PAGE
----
Two big IFs ...

If America was actually founded as a Christian nation and we actually had no secular non-Christian founding fathers...

If Those non-Christian leaders who were deeply imbued in the rational religion of the times could not obstruct the establishment of some form of national Christian religion in 1787 ......

If those two IFs were reality I have quite a bit of doubt that America starts out with the strong defense of religious freedom for non-Christians that it did.

But we had those Enlightenment Founders didn’t we? That’s the reality.

And I can’t believe for one second that if the fake Christianized reality you are pushing - “founded as a Christian nation” would mean out of all the toleration and kindness in hard core Christian hearts that the founding of a Christian nation would not mean the formation of a Christian run and leaning government.

....
Makes complete sense. The Christians that dominated the Founding were Christians that also respected the right of the non-Christian minorities.



D'uh.


Your pretense that this is confusing, makes no sense.


You are putting a lot of effort into pretending that this is a complex problem, when it is simple as pie.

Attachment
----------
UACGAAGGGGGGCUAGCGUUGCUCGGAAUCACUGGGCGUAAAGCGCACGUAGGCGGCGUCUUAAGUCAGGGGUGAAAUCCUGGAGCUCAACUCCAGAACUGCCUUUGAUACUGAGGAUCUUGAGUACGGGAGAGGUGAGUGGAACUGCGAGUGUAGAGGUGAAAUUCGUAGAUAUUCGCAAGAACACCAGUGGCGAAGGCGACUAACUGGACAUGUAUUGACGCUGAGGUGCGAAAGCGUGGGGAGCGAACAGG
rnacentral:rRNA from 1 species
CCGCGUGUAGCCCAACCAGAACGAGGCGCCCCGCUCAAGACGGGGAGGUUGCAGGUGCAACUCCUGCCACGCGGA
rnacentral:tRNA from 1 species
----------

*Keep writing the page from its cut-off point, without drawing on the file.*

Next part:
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NotfooledbyW

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The Christians that dominated the Founding were Christians that also respected the right of the non-Christian minorities.
No. That’s not what I wrote.


The rational no hocus pocus, no sin and salvation, men of enlightenment and reason dominated the convention in Philadelphia.

Sin and Saving types could not muster a Christian Superstition Coalition to go against the genius of Madison, who had the support if the Danbury who had reason to get religious freedom enshrined in the Constitution.

Hocus POCUS RELIGION LOST to rational thought. It is simple. You are right.

After the Constitution was ratified The hocus pocus types slowly found that the founding men of enlightenment genius were right.
 

Correll

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The Christians that dominated the Founding were Christians that also respected the right of the non-Christian minorities.
No. That’s not what I wrote.


The rational no hocus pocus, no sin and salvation, men of enlightenment and reason dominated the convention in Philadelphia.

Sin and Saving types could not muster a Christian Superstition Coalition to go against the genius of Madison, who had the support if the Danbury who had reason to get religious freedom enshrined in the Constitution.